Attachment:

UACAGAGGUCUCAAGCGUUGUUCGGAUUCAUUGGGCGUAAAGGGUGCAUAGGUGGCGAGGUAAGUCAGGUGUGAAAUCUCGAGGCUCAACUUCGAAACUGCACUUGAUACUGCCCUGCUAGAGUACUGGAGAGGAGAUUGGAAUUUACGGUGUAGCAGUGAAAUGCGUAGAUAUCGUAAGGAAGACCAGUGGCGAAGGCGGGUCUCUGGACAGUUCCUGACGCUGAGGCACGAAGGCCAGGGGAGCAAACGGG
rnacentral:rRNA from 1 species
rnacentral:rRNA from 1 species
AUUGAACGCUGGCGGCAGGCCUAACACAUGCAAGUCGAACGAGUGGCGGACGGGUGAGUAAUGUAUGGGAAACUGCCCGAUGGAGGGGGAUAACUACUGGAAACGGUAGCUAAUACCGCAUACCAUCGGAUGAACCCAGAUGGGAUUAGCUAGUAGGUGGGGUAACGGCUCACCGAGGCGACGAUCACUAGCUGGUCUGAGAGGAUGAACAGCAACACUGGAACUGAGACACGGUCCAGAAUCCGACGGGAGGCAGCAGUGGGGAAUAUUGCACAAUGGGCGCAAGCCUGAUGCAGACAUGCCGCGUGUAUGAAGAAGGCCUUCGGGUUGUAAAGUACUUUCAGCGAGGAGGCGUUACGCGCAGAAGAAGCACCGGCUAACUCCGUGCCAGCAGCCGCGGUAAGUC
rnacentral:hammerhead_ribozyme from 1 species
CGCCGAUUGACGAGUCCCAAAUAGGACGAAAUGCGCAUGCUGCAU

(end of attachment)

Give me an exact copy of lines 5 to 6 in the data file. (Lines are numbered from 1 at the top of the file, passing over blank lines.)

rnacentral:hammerhead_ribozyme from 1 species
CGCCGAUUGACGAGUCCCAAAUAGGACGAAAUGCGCAUGCUGCAU